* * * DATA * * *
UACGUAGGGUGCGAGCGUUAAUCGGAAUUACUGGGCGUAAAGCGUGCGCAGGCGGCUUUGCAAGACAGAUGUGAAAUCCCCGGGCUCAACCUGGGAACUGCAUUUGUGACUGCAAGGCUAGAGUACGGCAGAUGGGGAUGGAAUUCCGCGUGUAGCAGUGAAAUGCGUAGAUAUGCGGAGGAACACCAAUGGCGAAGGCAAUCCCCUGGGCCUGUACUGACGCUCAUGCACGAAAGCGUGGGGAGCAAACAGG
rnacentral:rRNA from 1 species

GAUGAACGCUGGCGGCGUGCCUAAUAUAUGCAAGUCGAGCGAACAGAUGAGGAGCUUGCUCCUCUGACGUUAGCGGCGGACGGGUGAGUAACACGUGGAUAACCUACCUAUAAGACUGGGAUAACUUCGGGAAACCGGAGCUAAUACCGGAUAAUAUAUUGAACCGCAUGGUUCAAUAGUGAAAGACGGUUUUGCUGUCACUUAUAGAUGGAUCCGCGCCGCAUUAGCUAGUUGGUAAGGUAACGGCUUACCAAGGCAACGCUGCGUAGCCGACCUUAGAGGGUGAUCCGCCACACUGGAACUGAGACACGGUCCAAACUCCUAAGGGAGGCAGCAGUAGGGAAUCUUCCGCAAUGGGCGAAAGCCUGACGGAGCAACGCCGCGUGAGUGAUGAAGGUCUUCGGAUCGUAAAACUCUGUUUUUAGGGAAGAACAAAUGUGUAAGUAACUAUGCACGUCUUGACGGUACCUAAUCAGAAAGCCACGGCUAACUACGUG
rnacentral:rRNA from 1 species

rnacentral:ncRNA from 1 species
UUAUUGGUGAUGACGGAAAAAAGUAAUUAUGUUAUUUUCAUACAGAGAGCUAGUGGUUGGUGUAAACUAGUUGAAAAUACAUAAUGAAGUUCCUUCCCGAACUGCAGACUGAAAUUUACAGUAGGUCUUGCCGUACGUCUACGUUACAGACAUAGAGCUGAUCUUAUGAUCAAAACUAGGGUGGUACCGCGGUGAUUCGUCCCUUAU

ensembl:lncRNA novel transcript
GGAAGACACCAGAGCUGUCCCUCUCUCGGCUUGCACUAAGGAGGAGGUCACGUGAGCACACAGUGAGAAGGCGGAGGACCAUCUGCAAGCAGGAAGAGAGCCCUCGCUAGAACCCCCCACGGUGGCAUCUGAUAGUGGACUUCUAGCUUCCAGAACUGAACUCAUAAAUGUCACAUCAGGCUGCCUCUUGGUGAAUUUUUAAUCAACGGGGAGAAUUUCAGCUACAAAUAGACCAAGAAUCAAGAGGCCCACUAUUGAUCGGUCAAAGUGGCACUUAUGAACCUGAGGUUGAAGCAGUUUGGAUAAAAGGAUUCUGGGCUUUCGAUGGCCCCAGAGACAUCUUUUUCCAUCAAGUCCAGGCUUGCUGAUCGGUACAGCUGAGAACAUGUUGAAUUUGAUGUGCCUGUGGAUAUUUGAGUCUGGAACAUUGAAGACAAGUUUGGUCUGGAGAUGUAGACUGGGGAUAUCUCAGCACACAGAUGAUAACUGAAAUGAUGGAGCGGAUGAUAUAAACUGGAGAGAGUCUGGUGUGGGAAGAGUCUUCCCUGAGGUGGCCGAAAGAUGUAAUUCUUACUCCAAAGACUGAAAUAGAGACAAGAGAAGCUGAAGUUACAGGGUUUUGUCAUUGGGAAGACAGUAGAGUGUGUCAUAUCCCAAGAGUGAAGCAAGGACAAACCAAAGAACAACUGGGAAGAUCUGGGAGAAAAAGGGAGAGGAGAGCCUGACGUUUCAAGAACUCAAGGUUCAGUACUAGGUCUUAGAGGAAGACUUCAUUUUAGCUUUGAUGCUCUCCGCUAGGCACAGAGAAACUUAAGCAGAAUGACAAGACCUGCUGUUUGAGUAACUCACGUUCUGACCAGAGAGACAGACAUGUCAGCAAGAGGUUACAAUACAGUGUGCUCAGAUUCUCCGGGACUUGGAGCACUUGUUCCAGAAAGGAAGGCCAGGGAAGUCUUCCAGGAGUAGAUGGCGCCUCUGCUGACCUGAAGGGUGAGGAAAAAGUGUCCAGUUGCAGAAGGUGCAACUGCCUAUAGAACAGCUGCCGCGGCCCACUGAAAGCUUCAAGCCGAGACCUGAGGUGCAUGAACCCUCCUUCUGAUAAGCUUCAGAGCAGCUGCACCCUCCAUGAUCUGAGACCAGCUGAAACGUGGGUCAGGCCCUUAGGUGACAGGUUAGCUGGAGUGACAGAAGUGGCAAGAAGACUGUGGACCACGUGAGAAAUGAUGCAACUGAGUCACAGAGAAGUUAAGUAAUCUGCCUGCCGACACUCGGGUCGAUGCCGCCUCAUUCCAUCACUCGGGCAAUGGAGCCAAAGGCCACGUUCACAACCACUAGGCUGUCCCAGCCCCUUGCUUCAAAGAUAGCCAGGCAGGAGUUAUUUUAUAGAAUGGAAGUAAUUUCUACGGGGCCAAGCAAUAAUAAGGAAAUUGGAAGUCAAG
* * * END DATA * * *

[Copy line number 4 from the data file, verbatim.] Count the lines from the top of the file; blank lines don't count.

rnacentral:rRNA from 1 species